That morning, when the war began, I was on the run, at least in the eyes of the law. In the Republic of Karquim a woman reaches legal age on her 25th birthday, and since I had bicycled away from the college at night without permission, I was a juvenile delinquent. But my absence should not be discovered until nine o’clock and by then I ought to be in the air, heading for the Dutch East Indies.
Karquim cloudport is a second-rate facility where most services close at midnight. The ticket office would open at seven o’clock, so I had to wait in the all-night café where a young man sold stuffed baguettes and strong coffee. It served as a waiting room for some half-asleep European businessmen in dark suits and provided a table for a team of breakfasting native stevedores who soon would join the morning shift. They chatted in a dialect I did not understand while looking curiously at me, sitting alone at a window table with an view eastward across the civilian cloudship field. My plus-fours and linen jacket and the cloth cap I had put on the table probable made them wonder: what kind of person is that?
The grounded cloudships were vague shapes in the dark, each with a few illuminated portholes. I saw five, but I could not determine which one was C/S Wilhem Tell, which in a few hours would fly me west to another continent.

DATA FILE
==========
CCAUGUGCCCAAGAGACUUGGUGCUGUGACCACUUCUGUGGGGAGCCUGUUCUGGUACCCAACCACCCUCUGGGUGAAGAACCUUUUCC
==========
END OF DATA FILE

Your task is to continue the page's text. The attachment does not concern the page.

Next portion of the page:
One hour after finishing my simple meal, the horizon began to glow in pink and illuminate the undersides of the scattered clouds. Soon the sun disk floated into the sky and the cloudships’ bulging metal hulls glittered in the golden light. Beyond them half a dozen small civilian aeroplanes were lined up on the grass.
The stevedores grabbed their hats and left the café. Time to head to the main hall, I thought, gathering my belongings and gulping down the last drops of coffee. When I looked out across the cloudship field, a swarm of black dots appeared around the low sun. I squinted to discern what that could be.
A klaxon’s scream pierced my ears.
Air raid! War!? The realization jolted me. Will I die because I fled too late?
The dots grew into a group of single-engine propeller planes dashing west across the civilian field and disappearing from my sight above the café window. I throw myself onto the floor. Machine guns fired and bombs thundered from the military area west of the cloudport terminal buildings.
The klaxon stopped howling. Slowly I raised my head and looked east through the intact café window. On the civilian field cloudships’ foghorns wailed while people fled from all open spaces. Two ships had their airscrews running at the same time as men toiled at their ramps with wooden crates, either pushing them away or dragging them onboard.